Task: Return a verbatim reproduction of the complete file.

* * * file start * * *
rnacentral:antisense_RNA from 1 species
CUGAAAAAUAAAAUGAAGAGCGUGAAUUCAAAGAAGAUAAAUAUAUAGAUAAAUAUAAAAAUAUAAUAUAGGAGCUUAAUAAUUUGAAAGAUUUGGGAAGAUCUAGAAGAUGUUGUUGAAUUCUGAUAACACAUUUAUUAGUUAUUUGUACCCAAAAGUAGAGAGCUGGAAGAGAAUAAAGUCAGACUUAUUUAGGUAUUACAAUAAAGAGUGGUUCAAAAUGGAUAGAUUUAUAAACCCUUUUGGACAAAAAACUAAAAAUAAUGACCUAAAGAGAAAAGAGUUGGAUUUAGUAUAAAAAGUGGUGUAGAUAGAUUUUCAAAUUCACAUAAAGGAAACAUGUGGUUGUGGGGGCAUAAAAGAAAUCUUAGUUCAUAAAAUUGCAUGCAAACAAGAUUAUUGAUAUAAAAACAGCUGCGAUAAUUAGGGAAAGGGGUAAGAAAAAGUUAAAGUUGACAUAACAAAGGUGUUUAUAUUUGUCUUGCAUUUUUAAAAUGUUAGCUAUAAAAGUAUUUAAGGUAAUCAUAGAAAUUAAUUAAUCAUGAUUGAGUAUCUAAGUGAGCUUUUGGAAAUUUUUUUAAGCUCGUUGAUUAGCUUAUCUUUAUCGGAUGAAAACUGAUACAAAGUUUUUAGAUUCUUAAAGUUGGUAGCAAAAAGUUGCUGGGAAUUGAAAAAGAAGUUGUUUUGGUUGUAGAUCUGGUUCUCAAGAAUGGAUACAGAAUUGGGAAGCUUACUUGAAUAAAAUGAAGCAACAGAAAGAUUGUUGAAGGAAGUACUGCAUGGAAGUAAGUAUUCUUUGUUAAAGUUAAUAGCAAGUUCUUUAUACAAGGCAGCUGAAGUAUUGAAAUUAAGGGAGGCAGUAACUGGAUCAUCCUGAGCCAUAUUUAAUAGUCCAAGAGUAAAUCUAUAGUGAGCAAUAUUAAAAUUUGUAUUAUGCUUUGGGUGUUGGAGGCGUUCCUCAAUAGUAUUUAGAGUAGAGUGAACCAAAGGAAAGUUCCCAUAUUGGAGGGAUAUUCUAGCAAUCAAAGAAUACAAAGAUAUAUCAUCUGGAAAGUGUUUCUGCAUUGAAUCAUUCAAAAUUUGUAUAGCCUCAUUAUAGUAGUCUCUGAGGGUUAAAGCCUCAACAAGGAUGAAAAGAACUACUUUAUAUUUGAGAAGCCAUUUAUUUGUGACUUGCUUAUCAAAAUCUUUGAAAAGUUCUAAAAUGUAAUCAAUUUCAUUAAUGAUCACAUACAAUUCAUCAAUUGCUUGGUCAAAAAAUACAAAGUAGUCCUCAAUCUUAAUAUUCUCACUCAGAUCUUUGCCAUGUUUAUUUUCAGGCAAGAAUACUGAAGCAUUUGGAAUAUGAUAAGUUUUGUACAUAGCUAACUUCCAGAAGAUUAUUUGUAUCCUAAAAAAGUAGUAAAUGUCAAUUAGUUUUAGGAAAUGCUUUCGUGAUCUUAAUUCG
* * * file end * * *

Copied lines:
rnacentral:antisense_RNA from 1 species
CUGAAAAAUAAAAUGAAGAGCGUGAAUUCAAAGAAGAUAAAUAUAUAGAUAAAUAUAAAAAUAUAAUAUAGGAGCUUAAUAAUUUGAAAGAUUUGGGAAGAUCUAGAAGAUGUUGUUGAAUUCUGAUAACACAUUUAUUAGUUAUUUGUACCCAAAAGUAGAGAGCUGGAAGAGAAUAAAGUCAGACUUAUUUAGGUAUUACAAUAAAGAGUGGUUCAAAAUGGAUAGAUUUAUAAACCCUUUUGGACAAAAAACUAAAAAUAAUGACCUAAAGAGAAAAGAGUUGGAUUUAGUAUAAAAAGUGGUGUAGAUAGAUUUUCAAAUUCACAUAAAGGAAACAUGUGGUUGUGGGGGCAUAAAAGAAAUCUUAGUUCAUAAAAUUGCAUGCAAACAAGAUUAUUGAUAUAAAAACAGCUGCGAUAAUUAGGGAAAGGGGUAAGAAAAAGUUAAAGUUGACAUAACAAAGGUGUUUAUAUUUGUCUUGCAUUUUUAAAAUGUUAGCUAUAAAAGUAUUUAAGGUAAUCAUAGAAAUUAAUUAAUCAUGAUUGAGUAUCUAAGUGAGCUUUUGGAAAUUUUUUUAAGCUCGUUGAUUAGCUUAUCUUUAUCGGAUGAAAACUGAUACAAAGUUUUUAGAUUCUUAAAGUUGGUAGCAAAAAGUUGCUGGGAAUUGAAAAAGAAGUUGUUUUGGUUGUAGAUCUGGUUCUCAAGAAUGGAUACAGAAUUGGGAAGCUUACUUGAAUAAAAUGAAGCAACAGAAAGAUUGUUGAAGGAAGUACUGCAUGGAAGUAAGUAUUCUUUGUUAAAGUUAAUAGCAAGUUCUUUAUACAAGGCAGCUGAAGUAUUGAAAUUAAGGGAGGCAGUAACUGGAUCAUCCUGAGCCAUAUUUAAUAGUCCAAGAGUAAAUCUAUAGUGAGCAAUAUUAAAAUUUGUAUUAUGCUUUGGGUGUUGGAGGCGUUCCUCAAUAGUAUUUAGAGUAGAGUGAACCAAAGGAAAGUUCCCAUAUUGGAGGGAUAUUCUAGCAAUCAAAGAAUACAAAGAUAUAUCAUCUGGAAAGUGUUUCUGCAUUGAAUCAUUCAAAAUUUGUAUAGCCUCAUUAUAGUAGUCUCUGAGGGUUAAAGCCUCAACAAGGAUGAAAAGAACUACUUUAUAUUUGAGAAGCCAUUUAUUUGUGACUUGCUUAUCAAAAUCUUUGAAAAGUUCUAAAAUGUAAUCAAUUUCAUUAAUGAUCACAUACAAUUCAUCAAUUGCUUGGUCAAAAAAUACAAAGUAGUCCUCAAUCUUAAUAUUCUCACUCAGAUCUUUGCCAUGUUUAUUUUCAGGCAAGAAUACUGAAGCAUUUGGAAUAUGAUAAGUUUUGUACAUAGCUAACUUCCAGAAGAUUAUUUGUAUCCUAAAAAAGUAGUAAAUGUCAAUUAGUUUUAGGAAAUGCUUUCGUGAUCUUAAUUCG